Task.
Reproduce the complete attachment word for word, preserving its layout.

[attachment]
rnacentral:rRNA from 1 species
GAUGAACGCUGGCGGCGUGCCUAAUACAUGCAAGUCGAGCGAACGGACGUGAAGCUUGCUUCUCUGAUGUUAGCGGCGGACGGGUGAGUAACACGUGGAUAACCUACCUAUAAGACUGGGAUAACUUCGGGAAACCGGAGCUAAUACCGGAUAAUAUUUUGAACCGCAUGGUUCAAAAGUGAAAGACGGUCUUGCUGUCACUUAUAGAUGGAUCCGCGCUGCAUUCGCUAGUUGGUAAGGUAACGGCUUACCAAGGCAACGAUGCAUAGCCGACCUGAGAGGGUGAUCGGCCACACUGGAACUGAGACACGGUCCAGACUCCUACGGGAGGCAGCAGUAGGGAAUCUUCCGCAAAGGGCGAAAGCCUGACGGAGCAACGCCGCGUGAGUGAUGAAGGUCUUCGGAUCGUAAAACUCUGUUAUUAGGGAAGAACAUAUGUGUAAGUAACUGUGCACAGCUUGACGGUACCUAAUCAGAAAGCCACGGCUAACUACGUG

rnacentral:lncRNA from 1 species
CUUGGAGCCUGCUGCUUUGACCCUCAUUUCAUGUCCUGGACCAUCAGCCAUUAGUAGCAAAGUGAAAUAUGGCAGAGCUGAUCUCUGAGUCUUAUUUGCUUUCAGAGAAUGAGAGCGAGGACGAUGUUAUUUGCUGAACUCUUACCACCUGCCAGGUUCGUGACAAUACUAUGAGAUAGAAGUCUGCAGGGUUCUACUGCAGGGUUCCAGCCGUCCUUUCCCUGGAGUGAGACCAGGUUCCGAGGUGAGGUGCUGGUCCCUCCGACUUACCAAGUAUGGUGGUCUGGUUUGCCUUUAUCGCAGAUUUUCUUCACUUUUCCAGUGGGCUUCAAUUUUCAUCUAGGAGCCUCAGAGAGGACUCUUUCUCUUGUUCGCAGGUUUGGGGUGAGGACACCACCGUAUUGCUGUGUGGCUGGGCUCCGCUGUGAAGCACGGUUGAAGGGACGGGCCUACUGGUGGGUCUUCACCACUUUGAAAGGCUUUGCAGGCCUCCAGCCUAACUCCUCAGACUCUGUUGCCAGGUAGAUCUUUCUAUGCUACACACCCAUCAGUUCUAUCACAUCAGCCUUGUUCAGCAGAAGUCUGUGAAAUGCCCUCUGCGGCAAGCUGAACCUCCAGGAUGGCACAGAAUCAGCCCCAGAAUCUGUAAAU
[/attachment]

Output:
rnacentral:rRNA from 1 species
GAUGAACGCUGGCGGCGUGCCUAAUACAUGCAAGUCGAGCGAACGGACGUGAAGCUUGCUUCUCUGAUGUUAGCGGCGGACGGGUGAGUAACACGUGGAUAACCUACCUAUAAGACUGGGAUAACUUCGGGAAACCGGAGCUAAUACCGGAUAAUAUUUUGAACCGCAUGGUUCAAAAGUGAAAGACGGUCUUGCUGUCACUUAUAGAUGGAUCCGCGCUGCAUUCGCUAGUUGGUAAGGUAACGGCUUACCAAGGCAACGAUGCAUAGCCGACCUGAGAGGGUGAUCGGCCACACUGGAACUGAGACACGGUCCAGACUCCUACGGGAGGCAGCAGUAGGGAAUCUUCCGCAAAGGGCGAAAGCCUGACGGAGCAACGCCGCGUGAGUGAUGAAGGUCUUCGGAUCGUAAAACUCUGUUAUUAGGGAAGAACAUAUGUGUAAGUAACUGUGCACAGCUUGACGGUACCUAAUCAGAAAGCCACGGCUAACUACGUG

rnacentral:lncRNA from 1 species
CUUGGAGCCUGCUGCUUUGACCCUCAUUUCAUGUCCUGGACCAUCAGCCAUUAGUAGCAAAGUGAAAUAUGGCAGAGCUGAUCUCUGAGUCUUAUUUGCUUUCAGAGAAUGAGAGCGAGGACGAUGUUAUUUGCUGAACUCUUACCACCUGCCAGGUUCGUGACAAUACUAUGAGAUAGAAGUCUGCAGGGUUCUACUGCAGGGUUCCAGCCGUCCUUUCCCUGGAGUGAGACCAGGUUCCGAGGUGAGGUGCUGGUCCCUCCGACUUACCAAGUAUGGUGGUCUGGUUUGCCUUUAUCGCAGAUUUUCUUCACUUUUCCAGUGGGCUUCAAUUUUCAUCUAGGAGCCUCAGAGAGGACUCUUUCUCUUGUUCGCAGGUUUGGGGUGAGGACACCACCGUAUUGCUGUGUGGCUGGGCUCCGCUGUGAAGCACGGUUGAAGGGACGGGCCUACUGGUGGGUCUUCACCACUUUGAAAGGCUUUGCAGGCCUCCAGCCUAACUCCUCAGACUCUGUUGCCAGGUAGAUCUUUCUAUGCUACACACCCAUCAGUUCUAUCACAUCAGCCUUGUUCAGCAGAAGUCUGUGAAAUGCCCUCUGCGGCAAGCUGAACCUCCAGGAUGGCACAGAAUCAGCCCCAGAAUCUGUAAAU